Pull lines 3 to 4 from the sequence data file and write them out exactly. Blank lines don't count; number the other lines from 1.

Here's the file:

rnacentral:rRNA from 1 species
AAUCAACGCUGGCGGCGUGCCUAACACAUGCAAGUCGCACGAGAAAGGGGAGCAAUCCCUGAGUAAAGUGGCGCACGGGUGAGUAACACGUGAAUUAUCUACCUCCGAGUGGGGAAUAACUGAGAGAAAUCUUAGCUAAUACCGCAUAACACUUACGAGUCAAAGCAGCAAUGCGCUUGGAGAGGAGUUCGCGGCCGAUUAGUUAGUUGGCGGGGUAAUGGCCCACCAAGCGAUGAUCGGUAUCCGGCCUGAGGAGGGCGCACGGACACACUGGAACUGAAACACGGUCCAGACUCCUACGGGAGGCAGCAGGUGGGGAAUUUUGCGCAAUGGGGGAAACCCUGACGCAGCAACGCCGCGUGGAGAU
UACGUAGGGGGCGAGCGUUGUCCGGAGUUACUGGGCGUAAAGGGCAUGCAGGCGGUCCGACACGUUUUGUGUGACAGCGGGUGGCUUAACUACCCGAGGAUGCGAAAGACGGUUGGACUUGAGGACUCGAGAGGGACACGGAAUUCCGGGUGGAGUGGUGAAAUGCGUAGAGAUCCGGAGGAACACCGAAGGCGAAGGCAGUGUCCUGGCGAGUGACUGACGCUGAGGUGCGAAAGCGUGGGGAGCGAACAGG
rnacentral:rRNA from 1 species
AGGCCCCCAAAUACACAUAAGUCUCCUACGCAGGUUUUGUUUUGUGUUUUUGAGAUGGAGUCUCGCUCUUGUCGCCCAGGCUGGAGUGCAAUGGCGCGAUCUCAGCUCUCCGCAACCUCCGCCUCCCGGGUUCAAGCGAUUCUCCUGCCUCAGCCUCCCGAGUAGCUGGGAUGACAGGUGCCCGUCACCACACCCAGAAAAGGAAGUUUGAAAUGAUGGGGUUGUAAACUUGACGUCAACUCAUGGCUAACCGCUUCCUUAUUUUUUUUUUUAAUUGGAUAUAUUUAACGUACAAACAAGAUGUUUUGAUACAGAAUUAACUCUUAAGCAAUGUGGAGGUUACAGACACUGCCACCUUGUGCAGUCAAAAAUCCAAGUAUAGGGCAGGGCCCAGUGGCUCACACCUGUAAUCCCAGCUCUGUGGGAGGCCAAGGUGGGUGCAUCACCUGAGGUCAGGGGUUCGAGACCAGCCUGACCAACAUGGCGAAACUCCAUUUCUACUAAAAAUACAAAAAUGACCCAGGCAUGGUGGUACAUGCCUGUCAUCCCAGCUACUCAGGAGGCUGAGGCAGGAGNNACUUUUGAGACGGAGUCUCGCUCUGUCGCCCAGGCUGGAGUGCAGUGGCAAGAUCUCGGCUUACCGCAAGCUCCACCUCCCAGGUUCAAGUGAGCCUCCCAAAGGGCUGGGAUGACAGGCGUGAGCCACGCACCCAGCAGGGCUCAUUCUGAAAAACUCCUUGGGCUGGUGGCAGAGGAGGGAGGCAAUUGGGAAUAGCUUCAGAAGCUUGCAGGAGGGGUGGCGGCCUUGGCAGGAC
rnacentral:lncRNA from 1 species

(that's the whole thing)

UACGUAGGGGGCGAGCGUUGUCCGGAGUUACUGGGCGUAAAGGGCAUGCAGGCGGUCCGACACGUUUUGUGUGACAGCGGGUGGCUUAACUACCCGAGGAUGCGAAAGACGGUUGGACUUGAGGACUCGAGAGGGACACGGAAUUCCGGGUGGAGUGGUGAAAUGCGUAGAGAUCCGGAGGAACACCGAAGGCGAAGGCAGUGUCCUGGCGAGUGACUGACGCUGAGGUGCGAAAGCGUGGGGAGCGAACAGG
rnacentral:rRNA from 1 species